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Commentary: To ‘Eat Local, Buy California Grown’ benefits all

Issue Date: April 13, 2011
By Fiona Ma and Cathleen Galgiani
A farmers market of California-grown foods was one feature of 2011 Ag Day celebrations at the state Capitol. A resolution introduced the same day would encourage Californians to eat food grown in the state.
Photo/Matt Salvo
Cathleen Galgiani
Fiona Ma

As members of the Assembly Committee on Agriculture, it's important to us that our constituents and all Californians have access to wholesome, affordable food. Because of that, we've taken a keen interest in the health and vitality of California farms and ranches, and we are encouraged to see more people paying attention to the source of their food and what goes into bringing it from the farm to the table.

California enjoys a rich heritage as one of the world's most prolific agricultural regions. California foods are justifiably famous for their abundance, diversity, freshness and high quality—and all Californians can help to maintain that heritage and fame, whether they live in the city or the country.

Buying California-grown food helps local family farmers as well as California consumers. In addition, buying California-grown agricultural products helps all those employees who work producing, processing and transporting California agricultural products, and helps their families as well. Food production contributes billions of dollars to local economies in California each and every year.

Surveys show that 85 percent of California consumers say it's important to them to purchase foods grown in California, and 41 percent of California consumers say the California-grown designation is more important to them today than it was a year earlier.

When Californians buy California-grown food, it benefits the environment and ensures a higher level of food safety and food-safety standards. Farmers and ranchers certainly understand how strictly the state regulates food producers for the benefit of consumers. California-grown produce, livestock, milk, fish, flowers, nursery products and wine are produced under the strictest safety and quality-assurance standards of any state in the nation—or the world.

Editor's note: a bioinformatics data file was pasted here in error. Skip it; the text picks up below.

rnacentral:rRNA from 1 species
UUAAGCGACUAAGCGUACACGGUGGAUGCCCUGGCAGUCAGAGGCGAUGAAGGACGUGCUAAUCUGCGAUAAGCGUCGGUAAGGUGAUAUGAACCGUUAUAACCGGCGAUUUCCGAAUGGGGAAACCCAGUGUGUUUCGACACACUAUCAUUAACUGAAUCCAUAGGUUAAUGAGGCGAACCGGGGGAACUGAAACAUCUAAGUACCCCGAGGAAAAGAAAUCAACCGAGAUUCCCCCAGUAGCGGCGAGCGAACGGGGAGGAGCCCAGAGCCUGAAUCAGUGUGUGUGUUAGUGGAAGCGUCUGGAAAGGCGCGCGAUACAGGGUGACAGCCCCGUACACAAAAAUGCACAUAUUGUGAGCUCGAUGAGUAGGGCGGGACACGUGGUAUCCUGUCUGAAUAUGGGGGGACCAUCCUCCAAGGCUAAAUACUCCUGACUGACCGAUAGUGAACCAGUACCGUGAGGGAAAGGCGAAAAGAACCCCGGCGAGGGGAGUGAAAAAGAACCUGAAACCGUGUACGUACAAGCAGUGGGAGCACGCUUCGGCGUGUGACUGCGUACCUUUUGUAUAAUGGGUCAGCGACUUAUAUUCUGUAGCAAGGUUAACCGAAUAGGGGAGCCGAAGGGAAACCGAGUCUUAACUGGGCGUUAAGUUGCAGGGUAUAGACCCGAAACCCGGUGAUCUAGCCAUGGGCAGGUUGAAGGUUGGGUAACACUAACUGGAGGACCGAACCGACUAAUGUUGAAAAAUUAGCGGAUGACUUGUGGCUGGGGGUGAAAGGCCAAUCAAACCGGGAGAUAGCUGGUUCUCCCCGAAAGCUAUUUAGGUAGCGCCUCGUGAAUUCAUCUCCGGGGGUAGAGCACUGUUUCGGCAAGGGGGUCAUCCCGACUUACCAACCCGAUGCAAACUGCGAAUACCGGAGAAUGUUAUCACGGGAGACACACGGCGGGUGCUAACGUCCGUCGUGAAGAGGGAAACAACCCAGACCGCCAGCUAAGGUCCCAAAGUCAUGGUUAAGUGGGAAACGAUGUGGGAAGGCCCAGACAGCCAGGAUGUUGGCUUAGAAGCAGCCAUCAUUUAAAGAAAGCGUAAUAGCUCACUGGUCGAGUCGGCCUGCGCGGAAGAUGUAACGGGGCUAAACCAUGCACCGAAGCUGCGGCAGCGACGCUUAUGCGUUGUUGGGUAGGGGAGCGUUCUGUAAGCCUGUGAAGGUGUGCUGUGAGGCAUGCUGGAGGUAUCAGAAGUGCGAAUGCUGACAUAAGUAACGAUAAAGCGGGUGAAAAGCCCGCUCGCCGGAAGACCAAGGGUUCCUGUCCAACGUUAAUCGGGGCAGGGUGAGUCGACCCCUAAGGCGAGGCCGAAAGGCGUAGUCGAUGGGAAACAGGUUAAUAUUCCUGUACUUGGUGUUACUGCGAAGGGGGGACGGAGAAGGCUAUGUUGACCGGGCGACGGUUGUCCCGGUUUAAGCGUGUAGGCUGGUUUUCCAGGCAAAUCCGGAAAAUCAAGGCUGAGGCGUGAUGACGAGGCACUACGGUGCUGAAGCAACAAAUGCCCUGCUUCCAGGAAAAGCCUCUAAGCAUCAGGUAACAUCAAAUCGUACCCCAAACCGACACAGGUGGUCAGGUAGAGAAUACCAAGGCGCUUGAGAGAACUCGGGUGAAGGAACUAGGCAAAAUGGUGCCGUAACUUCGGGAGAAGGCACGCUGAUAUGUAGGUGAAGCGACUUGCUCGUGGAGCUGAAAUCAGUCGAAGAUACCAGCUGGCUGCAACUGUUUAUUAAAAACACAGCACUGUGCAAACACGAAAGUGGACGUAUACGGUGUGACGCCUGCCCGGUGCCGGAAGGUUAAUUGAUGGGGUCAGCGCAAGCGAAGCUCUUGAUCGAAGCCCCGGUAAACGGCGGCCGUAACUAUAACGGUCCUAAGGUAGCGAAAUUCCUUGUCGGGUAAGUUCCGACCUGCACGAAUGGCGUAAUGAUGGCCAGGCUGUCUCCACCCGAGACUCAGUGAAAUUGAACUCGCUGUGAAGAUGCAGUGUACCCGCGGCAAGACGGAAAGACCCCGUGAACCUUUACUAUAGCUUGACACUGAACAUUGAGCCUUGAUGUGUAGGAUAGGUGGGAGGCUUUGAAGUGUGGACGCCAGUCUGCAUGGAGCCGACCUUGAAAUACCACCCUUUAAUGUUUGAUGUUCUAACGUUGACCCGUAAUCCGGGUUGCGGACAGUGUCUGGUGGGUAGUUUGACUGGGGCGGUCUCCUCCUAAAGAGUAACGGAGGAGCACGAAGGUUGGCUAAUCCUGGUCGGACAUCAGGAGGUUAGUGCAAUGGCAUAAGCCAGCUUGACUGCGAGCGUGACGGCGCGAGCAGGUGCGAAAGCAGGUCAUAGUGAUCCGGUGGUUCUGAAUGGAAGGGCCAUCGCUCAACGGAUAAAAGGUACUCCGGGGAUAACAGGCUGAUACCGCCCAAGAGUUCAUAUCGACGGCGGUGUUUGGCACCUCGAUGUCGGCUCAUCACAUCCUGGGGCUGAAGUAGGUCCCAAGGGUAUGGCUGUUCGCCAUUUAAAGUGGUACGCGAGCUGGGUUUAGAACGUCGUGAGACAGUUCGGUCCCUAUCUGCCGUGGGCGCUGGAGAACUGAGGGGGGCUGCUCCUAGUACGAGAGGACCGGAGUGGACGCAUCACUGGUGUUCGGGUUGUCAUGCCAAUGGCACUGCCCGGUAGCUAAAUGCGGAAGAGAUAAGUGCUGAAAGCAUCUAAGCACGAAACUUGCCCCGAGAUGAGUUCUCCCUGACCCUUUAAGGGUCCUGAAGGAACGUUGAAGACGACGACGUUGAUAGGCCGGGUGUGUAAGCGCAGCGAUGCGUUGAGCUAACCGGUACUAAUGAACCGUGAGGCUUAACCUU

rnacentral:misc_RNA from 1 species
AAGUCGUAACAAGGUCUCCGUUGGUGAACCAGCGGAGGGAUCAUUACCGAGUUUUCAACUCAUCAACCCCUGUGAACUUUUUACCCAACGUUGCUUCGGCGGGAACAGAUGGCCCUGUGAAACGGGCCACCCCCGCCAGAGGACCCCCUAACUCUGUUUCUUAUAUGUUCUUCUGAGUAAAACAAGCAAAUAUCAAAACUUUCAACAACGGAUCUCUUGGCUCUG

Buying California-grown food helps ensure that family farmers will maintain their historical production systems and the valuable land that grows crops and sustains livestock.

In a time of economic distress for our state, the support of California-grown products will help to keep critical dollars within the state for the benefit of all Californians. That, in turn, will strengthen the state's communities, economies and businesses. By purchasing locally produced foods, consumers will boost local businesses and that, in turn, helps local and state governments through increased tax revenues.

For all those reasons, we have introduced a resolution in the state Assembly—Assembly Concurrent Resolution 42—promoting the purchasing of California-grown products. Families, restaurants and grocers should be encouraged to buy California-grown foods, because supporting California-grown food products will result in higher food quality, improved food safety, higher environmental and animal-welfare standards, as well as significant economic benefits.

And restricting oneself to California-grown food hardly represents a sacrifice. After all, California farmers and ranchers grow more than 300 food products, including livestock, poultry and seafood, produce, grains, dairy products and wine valued at nearly $35 billion a year.

Once Californians find out how easy it is to buy California-grown foods and how plentiful, healthful and affordable they are, we are confident that families will want to "Eat Local, Buy California Grown" each and every day of the year.

Find out more about the Eat Local, Buy California Grown project at www.facebook.com/Eatlocalbuycaliforniagrown.

(Assembly Member Fiona Ma, D-San Francisco, represents the 12th Assembly District, serves as speaker pro tempore of the Assembly and serves on the Committee on Agriculture. Assembly Member Cathleen Galgiani, D-Livingston, represents the 17th Assembly District and chairs the Assembly Committee on Agriculture.)

Permission for use is granted, however, credit must be made to the California Farm Bureau Federation when reprinting this item.




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